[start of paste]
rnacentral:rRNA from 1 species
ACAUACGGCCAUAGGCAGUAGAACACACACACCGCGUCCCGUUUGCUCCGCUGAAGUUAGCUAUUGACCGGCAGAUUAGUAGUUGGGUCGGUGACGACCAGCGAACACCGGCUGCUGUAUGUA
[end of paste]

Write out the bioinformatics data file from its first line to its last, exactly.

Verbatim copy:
rnacentral:rRNA from 1 species
ACAUACGGCCAUAGGCAGUAGAACACACACACCGCGUCCCGUUUGCUCCGCUGAAGUUAGCUAUUGACCGGCAGAUUAGUAGUUGGGUCGGUGACGACCAGCGAACACCGGCUGCUGUAUGUA